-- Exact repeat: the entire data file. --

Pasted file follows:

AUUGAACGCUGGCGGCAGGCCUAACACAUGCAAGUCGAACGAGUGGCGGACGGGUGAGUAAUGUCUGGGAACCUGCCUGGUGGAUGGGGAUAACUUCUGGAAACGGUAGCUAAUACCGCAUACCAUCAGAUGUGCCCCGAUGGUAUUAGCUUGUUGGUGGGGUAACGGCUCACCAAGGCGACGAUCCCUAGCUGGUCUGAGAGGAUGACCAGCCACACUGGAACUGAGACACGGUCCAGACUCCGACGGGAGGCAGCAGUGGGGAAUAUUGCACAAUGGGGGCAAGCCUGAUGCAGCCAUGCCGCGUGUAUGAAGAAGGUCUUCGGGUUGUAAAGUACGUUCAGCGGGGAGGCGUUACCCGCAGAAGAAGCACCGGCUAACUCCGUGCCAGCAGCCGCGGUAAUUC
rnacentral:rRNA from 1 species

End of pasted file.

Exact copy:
AUUGAACGCUGGCGGCAGGCCUAACACAUGCAAGUCGAACGAGUGGCGGACGGGUGAGUAAUGUCUGGGAACCUGCCUGGUGGAUGGGGAUAACUUCUGGAAACGGUAGCUAAUACCGCAUACCAUCAGAUGUGCCCCGAUGGUAUUAGCUUGUUGGUGGGGUAACGGCUCACCAAGGCGACGAUCCCUAGCUGGUCUGAGAGGAUGACCAGCCACACUGGAACUGAGACACGGUCCAGACUCCGACGGGAGGCAGCAGUGGGGAAUAUUGCACAAUGGGGGCAAGCCUGAUGCAGCCAUGCCGCGUGUAUGAAGAAGGUCUUCGGGUUGUAAAGUACGUUCAGCGGGGAGGCGUUACCCGCAGAAGAAGCACCGGCUAACUCCGUGCCAGCAGCCGCGGUAAUUC
rnacentral:rRNA from 1 species